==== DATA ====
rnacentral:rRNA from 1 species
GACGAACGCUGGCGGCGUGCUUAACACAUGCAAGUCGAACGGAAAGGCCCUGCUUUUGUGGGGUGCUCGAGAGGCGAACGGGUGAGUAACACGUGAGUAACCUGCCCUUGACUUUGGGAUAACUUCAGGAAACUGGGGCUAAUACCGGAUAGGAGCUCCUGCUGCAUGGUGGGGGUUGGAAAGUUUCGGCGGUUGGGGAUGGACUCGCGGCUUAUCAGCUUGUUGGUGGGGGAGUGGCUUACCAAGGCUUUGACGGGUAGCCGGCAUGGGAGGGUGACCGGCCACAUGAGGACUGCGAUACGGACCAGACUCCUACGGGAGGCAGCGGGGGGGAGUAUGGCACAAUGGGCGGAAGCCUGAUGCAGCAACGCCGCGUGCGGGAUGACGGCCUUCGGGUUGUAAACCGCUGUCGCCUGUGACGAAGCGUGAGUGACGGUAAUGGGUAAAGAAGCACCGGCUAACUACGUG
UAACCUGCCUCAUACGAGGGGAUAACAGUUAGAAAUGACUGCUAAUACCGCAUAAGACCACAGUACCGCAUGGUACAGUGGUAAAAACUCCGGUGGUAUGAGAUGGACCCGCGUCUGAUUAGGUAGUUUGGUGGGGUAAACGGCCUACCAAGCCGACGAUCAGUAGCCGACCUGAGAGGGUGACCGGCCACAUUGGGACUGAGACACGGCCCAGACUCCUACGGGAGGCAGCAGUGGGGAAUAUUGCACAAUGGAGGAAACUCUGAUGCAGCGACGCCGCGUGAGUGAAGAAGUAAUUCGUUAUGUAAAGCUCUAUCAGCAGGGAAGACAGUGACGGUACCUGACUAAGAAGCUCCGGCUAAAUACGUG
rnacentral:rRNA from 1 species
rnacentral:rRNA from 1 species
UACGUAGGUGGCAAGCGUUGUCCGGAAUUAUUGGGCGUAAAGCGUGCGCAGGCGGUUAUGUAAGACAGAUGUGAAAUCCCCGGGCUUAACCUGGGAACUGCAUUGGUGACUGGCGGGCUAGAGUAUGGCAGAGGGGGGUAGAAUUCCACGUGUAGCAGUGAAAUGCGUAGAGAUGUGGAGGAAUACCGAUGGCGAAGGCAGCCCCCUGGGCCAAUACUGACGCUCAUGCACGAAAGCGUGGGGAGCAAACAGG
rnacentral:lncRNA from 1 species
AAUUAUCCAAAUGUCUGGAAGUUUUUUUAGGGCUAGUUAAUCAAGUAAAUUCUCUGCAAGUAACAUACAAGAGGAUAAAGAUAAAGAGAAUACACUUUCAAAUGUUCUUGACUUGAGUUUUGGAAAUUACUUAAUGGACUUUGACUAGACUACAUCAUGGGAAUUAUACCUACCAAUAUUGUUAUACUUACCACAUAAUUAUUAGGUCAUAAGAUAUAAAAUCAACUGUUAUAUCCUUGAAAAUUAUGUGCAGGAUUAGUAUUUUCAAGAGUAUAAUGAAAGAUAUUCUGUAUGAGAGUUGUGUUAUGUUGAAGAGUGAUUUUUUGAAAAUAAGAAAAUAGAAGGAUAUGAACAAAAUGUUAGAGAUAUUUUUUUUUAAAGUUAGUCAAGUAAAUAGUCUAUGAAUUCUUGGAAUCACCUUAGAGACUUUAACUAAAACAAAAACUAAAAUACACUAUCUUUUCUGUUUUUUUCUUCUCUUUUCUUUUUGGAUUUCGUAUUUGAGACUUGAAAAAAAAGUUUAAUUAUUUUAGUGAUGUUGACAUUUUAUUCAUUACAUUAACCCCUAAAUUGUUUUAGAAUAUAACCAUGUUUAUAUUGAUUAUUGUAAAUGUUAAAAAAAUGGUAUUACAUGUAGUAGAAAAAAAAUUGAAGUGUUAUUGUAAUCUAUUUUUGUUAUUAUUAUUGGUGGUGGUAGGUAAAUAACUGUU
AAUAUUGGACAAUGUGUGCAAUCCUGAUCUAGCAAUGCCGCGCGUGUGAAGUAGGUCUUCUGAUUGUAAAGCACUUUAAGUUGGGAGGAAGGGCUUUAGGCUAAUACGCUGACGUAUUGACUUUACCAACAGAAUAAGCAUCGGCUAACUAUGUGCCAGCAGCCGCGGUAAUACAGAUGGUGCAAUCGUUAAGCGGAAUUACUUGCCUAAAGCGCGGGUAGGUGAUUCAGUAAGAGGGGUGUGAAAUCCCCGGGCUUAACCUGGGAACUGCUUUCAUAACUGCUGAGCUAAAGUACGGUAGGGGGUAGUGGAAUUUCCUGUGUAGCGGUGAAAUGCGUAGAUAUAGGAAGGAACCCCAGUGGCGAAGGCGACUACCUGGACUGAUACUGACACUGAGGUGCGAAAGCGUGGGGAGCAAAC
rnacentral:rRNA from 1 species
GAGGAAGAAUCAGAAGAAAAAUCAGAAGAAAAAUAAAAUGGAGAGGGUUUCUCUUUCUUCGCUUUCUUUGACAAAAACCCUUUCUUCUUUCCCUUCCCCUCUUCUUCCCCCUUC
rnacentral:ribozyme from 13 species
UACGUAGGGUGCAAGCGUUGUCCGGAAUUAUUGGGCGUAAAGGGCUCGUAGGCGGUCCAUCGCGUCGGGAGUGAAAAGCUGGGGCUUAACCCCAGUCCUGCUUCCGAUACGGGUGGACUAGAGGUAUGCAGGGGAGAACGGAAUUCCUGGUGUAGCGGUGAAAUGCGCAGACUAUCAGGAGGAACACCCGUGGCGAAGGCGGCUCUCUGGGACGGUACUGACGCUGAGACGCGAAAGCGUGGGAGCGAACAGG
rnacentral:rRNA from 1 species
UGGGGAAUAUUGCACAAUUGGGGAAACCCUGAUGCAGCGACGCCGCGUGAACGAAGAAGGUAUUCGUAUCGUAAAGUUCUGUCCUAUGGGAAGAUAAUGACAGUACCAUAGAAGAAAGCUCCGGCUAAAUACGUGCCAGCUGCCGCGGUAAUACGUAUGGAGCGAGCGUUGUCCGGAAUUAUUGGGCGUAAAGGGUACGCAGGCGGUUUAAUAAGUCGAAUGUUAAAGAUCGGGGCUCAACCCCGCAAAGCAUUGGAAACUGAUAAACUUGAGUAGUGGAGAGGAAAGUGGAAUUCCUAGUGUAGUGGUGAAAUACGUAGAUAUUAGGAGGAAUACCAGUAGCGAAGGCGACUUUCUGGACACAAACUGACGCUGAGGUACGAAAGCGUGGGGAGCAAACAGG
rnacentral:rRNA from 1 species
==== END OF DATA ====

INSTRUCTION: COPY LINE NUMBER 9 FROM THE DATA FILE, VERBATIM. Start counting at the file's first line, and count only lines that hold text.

AAUAUUGGACAAUGUGUGCAAUCCUGAUCUAGCAAUGCCGCGCGUGUGAAGUAGGUCUUCUGAUUGUAAAGCACUUUAAGUUGGGAGGAAGGGCUUUAGGCUAAUACGCUGACGUAUUGACUUUACCAACAGAAUAAGCAUCGGCUAACUAUGUGCCAGCAGCCGCGGUAAUACAGAUGGUGCAAUCGUUAAGCGGAAUUACUUGCCUAAAGCGCGGGUAGGUGAUUCAGUAAGAGGGGUGUGAAAUCCCCGGGCUUAACCUGGGAACUGCUUUCAUAACUGCUGAGCUAAAGUACGGUAGGGGGUAGUGGAAUUUCCUGUGUAGCGGUGAAAUGCGUAGAUAUAGGAAGGAACCCCAGUGGCGAAGGCGACUACCUGGACUGAUACUGACACUGAGGUGCGAAAGCGUGGGGAGCAAAC